Interview Roundup Part Two: Trethewey, Price, Schutt, Gaudry, Glaser
“What interests me most about poetry is the elegant envelope of form and the kind of density and compression that a poem demands. Because of those demands, I think I get to work more with silences than if I were writing prose. The silences are as big a part in my poems as what is being said. I believe my poems do a lot of work with what is implicit, rather than what is explicit. I just finished writing a work of creative nonfiction, Beyond Katrina, and I noticed that even in prose I have a strong tendency to circle back; repetition is a thing that I make use of constantly. It seems to me to be more natural in poetry and yet it also appears in my other writing.” – Natasha Trethewey, in Waccamaw
“No. I feel that my models came to me pretty early on, and it was who you mentioned—the early 20th century urban writers, like Richard Wright and Hubert Selby and Lenny Bruce—the language of Lenny Bruce. I like that rhythm, that high-speed, free-floating synaptic, anything comes out of your mouth, the acculturation, free-firing cultural riffs. Since then I sort of made my own way and made my own voice. I’ve read books that I admire, but nothing that made me, that taught me how to write.” – Richard Price, in Washington City Paper
“At eighteen I began reading biographies of writers: where had they gone to school? Were they married, childless, published before age thirty? Were they mad, alcoholic, suicidal, dead at forty? I was not so unhappy growing up that I did not fear the loneliness that seemed to come with being a writer; many of my favorite writers had dispiriting lives, and I wasn’t sure I wanted to suffer if that is what it took, but I did want to write. Suffering comes in many different styles, of course; mine involved years of writing and rewriting paragraphs—typing, deleting, typing again and again before giving in to a watery glue of dialogue. (Writing dialogue most often makes me cringe. Recently, I discovered that verisimilitude or interest can be had in columns of dialogue if every other line is crossed out.) To be embarrassed by a story of one’s own making that dissolves after the first wrought gesture is one way of suffering.” – Christine Schutt, in Prime Number.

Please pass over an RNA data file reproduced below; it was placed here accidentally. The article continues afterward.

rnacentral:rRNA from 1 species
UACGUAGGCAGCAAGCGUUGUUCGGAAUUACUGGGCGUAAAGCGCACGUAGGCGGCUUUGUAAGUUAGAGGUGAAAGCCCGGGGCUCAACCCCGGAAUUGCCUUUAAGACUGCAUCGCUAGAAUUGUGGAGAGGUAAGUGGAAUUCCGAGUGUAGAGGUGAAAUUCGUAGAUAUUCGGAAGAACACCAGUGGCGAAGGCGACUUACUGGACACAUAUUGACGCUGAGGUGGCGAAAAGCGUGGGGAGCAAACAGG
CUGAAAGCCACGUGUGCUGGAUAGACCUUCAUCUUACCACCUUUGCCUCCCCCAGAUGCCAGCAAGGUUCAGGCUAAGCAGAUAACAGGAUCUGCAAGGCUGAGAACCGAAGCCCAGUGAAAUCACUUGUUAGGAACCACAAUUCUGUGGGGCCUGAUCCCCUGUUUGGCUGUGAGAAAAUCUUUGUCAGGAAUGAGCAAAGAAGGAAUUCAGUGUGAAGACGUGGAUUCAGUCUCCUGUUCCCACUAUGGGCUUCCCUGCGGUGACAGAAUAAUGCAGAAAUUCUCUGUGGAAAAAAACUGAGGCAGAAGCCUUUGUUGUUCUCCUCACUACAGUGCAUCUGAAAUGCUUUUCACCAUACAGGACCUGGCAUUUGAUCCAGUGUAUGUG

“Well, there was a time when I thought Richard Russo and John Irving (and Dickens) were gods — that long, overstuffed narrative exposition was entirely where it was at. I tried to write like those guys throughout my undergraduate and M.A. years. But then I graduated and discovered Blake Butler’s story in Ninth Letter, “The Gown from Mother’s Stomach,” went to his blog, discovered online writing, small presses, venues for innovative writing, writers like Millet and Bernheimer, discovered an entire world of publishing that didn’t give a hoot about the mainstream. I discovered a love of reading short, concise forms — flash fiction and prose poems. I hacked my previous writing to bits, culled the tightest, stand-alone sections, hacked away at them some more, and then suddenly I was publishing. These discoveries led to my breakthrough, surely.” – Molly Gaudry, in Hobart
“Yes, the Pee On Water title has been troubling from before Adam Robinson. At my thesis defense, all three of my advisors advised me strongly against it. For a while, it seemed like people younger than 30 liked it, and people older than 30 did not. For a few weeks I tried to find a title to replace it, but I had been calling the bookPee On Water in my head from the time I first wrote that story, so it was a strong instinct to override.” – Rachel B. Glaser, in Rumble Magazine